Twice over the past two weeks, ExxonMobil has made headlines for all the wrong reasons.
Two weeks ago, the utility NextEra Energy surpassed the market capitalization of ExxonMobil to replace it as the largest U.S. energy company.
Last week, there was another milestone. At some points over the past decade, ExxonMobil — the biggest of “Big Oil” in the U.S. — was worth as much as $225 billion more than Chevron. That size advantage totally disappeared on October 8, 2020, when Chevron’s value closed the day higher than ExxonMobil’s.
If you look at the chart, it’s quite different than the story with NextEra. ExxonMobil’s value fell sharply this year, but NextEra has had a really good year. Chevron, on the other hand, has struggled with the Covid-19 pandemic along with other oil and gas producers. They just haven’t struggled as much as most others.
The past decade has been a tough one for oil producers everywhere, but Chevron has managed to hold its value for most of the decade. Both companies have long been favorites among dividend investors (and note that the chart doesn’t reflect the dividend income generated by these companies), but Chevron held up better and paid more income to investors.
Where did things go so wrong for ExxonMobil? I have often pointed to the company’s ill-timed $36 billion acquisition of natural gas producer XTO Energy in December 2009 as a factor. Natural gas prices subsequently collapsed, and the price the company paid ended up being too high. ExxonMobil also had expensive missteps in Russia and in Canada’s oil sands.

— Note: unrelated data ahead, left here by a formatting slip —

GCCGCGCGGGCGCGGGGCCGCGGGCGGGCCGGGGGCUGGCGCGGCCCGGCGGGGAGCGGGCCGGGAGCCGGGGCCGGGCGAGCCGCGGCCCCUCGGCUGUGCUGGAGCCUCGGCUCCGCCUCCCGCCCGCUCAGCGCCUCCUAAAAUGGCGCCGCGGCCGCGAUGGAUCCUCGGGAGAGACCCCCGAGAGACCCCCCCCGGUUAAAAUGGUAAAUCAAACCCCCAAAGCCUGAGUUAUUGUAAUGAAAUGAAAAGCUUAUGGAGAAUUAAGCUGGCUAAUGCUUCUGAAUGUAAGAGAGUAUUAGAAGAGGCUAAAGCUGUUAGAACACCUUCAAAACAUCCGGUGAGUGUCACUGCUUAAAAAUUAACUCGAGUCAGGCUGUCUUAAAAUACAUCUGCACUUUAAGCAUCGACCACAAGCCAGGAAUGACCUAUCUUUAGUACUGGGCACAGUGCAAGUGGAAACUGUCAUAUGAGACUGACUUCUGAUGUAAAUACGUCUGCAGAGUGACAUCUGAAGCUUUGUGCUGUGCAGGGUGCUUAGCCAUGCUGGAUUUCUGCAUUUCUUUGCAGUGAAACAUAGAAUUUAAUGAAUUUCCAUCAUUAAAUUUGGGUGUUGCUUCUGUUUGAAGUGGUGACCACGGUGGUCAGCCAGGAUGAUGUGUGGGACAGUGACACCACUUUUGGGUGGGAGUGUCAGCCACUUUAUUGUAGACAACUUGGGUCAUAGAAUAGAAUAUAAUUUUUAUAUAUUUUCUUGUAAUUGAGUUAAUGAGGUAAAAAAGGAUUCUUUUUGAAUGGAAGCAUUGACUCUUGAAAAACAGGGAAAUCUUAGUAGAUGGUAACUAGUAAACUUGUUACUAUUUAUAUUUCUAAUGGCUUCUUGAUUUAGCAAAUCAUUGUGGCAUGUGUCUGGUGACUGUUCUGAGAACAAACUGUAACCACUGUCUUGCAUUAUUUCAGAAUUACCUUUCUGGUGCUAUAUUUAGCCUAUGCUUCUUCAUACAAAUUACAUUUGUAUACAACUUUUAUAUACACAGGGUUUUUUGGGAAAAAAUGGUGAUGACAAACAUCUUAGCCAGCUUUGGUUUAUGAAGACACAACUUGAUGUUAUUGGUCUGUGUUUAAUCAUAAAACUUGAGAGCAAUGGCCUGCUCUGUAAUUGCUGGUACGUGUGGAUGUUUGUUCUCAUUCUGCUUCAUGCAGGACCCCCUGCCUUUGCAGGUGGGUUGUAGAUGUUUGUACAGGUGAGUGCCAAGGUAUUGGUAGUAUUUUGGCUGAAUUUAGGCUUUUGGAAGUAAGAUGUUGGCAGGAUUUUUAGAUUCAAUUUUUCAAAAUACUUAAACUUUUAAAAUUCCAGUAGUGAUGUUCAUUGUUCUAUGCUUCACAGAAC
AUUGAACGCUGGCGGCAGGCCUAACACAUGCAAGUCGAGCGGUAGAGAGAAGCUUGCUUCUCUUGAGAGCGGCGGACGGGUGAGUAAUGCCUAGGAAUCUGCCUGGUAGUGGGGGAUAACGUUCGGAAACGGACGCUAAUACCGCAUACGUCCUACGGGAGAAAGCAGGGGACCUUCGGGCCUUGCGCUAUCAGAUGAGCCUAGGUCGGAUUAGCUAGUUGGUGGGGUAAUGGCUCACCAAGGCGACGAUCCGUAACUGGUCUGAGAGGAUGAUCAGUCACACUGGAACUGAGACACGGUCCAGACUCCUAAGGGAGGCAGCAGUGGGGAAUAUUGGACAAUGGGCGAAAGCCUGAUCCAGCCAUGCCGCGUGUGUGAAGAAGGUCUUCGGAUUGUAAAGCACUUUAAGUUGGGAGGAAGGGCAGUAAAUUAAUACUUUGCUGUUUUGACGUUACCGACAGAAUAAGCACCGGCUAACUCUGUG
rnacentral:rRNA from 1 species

Chevron, on the other hand, hasn’t made the same kind of high-profile missteps. When a bidding war broke out for Anadarko, Chevron wisely walked away and collected a $1 billion breakup fee. Meanwhile, Chevron managed to acquire Noble Energy for what seems to be a bargain.
ExxonMobil did have a bounce after Chevron surpassed it, so it managed to close the week back on top of Chevron. NextEra and ExxonMobil were back and forth during the week, but NextEra had climbed back on top by the end of the week.
I should point out that many consider enterprise value (EV) — which includes the value of a company’s debt among other things — to be a better indicator of a company’s market value. The EV represents the total cost it would require to acquire the company. By that measure, ExxonMobil at $229 billion is still comfortably ahead of both Chevron ($140 billion) and NextEra ($193 billion).